Trust, Risk, and Race in American Medicine

Hastings Center Report 50 (1):18-26 (2020)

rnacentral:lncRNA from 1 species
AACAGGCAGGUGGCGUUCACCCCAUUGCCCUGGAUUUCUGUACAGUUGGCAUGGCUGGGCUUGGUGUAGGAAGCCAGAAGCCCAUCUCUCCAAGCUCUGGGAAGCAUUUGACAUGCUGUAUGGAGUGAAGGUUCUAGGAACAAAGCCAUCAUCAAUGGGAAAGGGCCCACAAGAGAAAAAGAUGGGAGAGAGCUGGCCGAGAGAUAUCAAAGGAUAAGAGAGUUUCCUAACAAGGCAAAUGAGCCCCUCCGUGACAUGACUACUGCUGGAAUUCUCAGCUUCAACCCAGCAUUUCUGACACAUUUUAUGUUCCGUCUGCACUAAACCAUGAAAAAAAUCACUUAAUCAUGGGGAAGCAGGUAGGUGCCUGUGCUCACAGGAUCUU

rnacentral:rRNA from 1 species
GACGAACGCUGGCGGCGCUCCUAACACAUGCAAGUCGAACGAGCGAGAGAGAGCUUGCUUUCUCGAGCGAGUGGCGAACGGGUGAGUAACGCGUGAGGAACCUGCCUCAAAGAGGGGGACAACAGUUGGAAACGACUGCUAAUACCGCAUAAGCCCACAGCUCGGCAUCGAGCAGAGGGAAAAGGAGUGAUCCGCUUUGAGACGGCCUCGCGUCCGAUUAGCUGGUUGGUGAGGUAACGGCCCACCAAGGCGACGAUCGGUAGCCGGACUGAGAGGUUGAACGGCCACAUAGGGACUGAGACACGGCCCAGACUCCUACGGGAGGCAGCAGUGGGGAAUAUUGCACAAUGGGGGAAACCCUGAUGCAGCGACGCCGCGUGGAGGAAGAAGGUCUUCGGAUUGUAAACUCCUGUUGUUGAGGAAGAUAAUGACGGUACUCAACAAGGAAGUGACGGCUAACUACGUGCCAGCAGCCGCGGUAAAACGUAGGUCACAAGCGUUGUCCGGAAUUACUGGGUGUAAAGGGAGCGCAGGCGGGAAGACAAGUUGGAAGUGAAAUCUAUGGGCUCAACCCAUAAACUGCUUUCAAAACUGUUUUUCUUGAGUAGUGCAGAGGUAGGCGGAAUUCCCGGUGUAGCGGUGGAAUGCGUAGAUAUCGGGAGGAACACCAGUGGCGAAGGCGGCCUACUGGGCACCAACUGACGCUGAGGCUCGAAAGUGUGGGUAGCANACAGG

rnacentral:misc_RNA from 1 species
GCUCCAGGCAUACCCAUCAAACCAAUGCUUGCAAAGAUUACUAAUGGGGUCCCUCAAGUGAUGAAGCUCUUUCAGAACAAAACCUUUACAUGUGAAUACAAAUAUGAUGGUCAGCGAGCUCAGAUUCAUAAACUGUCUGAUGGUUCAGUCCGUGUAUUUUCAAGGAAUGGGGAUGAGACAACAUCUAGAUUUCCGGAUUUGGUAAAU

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Trust is a core feature of the physician-patient relationship, and risk is central to trust. Patients take risks when they trust their providers to care for them effectively and appropriately. Not all patients take these risks: some medical relationships are marked by mistrust and suspicion. Empirical evidence suggests that some patients and families of color in the United States may be more likely to mistrust their providers and to be suspicious of specific medical practices and institutions. Given both historical and ongoing oppression and injustice in American medical institutions, such mistrust can be apt. Yet it can also frustrate patient care, leading to family and provider distress. In this paper, I propose one way that providers might work to reestablish trust by taking risks in signaling their own trustworthiness. This interpersonal step is not meant to replace efforts to remedy systemic injustice, but is an immediate measure for addressing mistrust in occurrent cases.
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